Upsurge in fighting offers investors a salutary lesson – frozen conflicts can flare up without much warning.
The term frozen conflict is a useful handle to describe the range of conflicts across the former Soviet Union, from Transnistria in Moldova, Abkhazia and South Ossetia in Georgia and, until very recently, Nagorno-Karabakh in Azerbaijan. However, as the escalation of violence along the frontline of the disputed border region demonstrates, investors ought to be wary when taking the term ‘frozen’ too literally.
Over the weekend, fighting left dozens dead on both sides and territory changed hands for the first time since the 1994 ceasefire between Armenia and Azerbaijan. Long considered a frozen conflict par excellence, regional analysts and diplomats are scrambling to understand exactly why the situation has intensified beyond the intermittent skirmishes that have characterised the 20-year status quo in the region.
It is hard to say what lies behind the escalation. On 2 April the head of the Russian-led military alliance, the Collective Security Treaty Organisation, of which Armenia is a member, placed the blame at Azerbaijan’s door, with Armenia describing events as a “massive attack”. The Azerbaijani Foreign Ministry claimed its forces were responding to Armenian shelling of Azeri army positions and villages the night before.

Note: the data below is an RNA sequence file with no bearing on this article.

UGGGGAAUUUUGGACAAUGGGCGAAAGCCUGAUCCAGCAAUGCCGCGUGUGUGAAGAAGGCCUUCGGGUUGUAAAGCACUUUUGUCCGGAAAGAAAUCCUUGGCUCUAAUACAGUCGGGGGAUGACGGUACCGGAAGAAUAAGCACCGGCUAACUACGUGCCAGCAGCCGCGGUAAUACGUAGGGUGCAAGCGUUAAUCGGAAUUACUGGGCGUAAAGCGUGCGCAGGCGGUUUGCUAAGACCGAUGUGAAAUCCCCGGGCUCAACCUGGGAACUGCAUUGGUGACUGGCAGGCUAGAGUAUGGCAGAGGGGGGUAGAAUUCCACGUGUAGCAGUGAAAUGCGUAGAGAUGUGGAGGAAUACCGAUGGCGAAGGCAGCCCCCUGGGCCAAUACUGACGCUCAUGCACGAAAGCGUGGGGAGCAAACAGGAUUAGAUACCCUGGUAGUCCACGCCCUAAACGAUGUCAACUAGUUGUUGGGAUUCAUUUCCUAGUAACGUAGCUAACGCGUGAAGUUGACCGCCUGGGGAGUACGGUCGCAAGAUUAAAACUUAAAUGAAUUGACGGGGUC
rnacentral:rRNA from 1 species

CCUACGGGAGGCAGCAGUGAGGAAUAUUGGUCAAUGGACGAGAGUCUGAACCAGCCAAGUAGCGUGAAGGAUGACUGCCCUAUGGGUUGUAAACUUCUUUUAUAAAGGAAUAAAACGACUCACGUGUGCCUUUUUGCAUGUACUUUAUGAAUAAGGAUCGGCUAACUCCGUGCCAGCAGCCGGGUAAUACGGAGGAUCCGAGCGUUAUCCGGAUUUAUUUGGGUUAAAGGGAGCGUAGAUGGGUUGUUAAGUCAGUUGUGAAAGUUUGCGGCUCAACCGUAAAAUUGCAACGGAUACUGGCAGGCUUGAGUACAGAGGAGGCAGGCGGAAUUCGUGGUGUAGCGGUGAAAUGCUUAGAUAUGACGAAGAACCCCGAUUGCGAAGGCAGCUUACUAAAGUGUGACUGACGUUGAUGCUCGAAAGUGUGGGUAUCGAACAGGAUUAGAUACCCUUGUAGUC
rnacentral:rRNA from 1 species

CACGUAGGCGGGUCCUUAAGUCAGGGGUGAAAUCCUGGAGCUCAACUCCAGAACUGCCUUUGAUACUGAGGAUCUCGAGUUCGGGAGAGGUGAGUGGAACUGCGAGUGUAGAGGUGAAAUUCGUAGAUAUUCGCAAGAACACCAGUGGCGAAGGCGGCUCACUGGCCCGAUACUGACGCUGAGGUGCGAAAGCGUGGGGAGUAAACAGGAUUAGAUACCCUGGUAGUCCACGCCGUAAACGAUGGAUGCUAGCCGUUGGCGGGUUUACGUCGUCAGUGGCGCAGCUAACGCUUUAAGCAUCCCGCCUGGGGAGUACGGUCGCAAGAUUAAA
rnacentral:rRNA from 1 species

Although some analysts have tried to interpret the violence as a proxy conflict connected to Russia, Turkey and Iran’s struggle for influence in the region, it appears likelier to be the result of the recent heavy militarisation of both sides, the failure of successive rounds of talks and the uncompromising rhetoric emanating from both governments.
It appears unlikely that this week’s events will escalate further into open war, with representatives of the Azerbaijani Ministry of Defence and the Karabakh defence army announcing a ceasefire along the front line on 5 April. The authorities in Armenia and Azerbaijan cannot afford to see a resumption of hostilities, as this could spook investors at a time when both countries are struggling economically.
Last year central Yerevan was temporarily paralysed during protests against increasing electricity tariffs dubbed ‘Electric Yerevan’. In January demonstrations were held in cities across Azerbaijan against the rising prices of consumer goods. In response to the unrest, Baku cut taxes on basic foodstuffs while in Armenia electricity prices have been temporarily subsidised.
It could be argued that the Baku and Yerevan governments have a mutual interest in ramping up tensions over Nagorno Karabakh – an emotive subject in both countries – as a means of rallying political support in the face of economic gloom. But whatever the motives, any further opening up of the conflict would be a disaster for both countries, further destabilising the region and driving away foreign investment.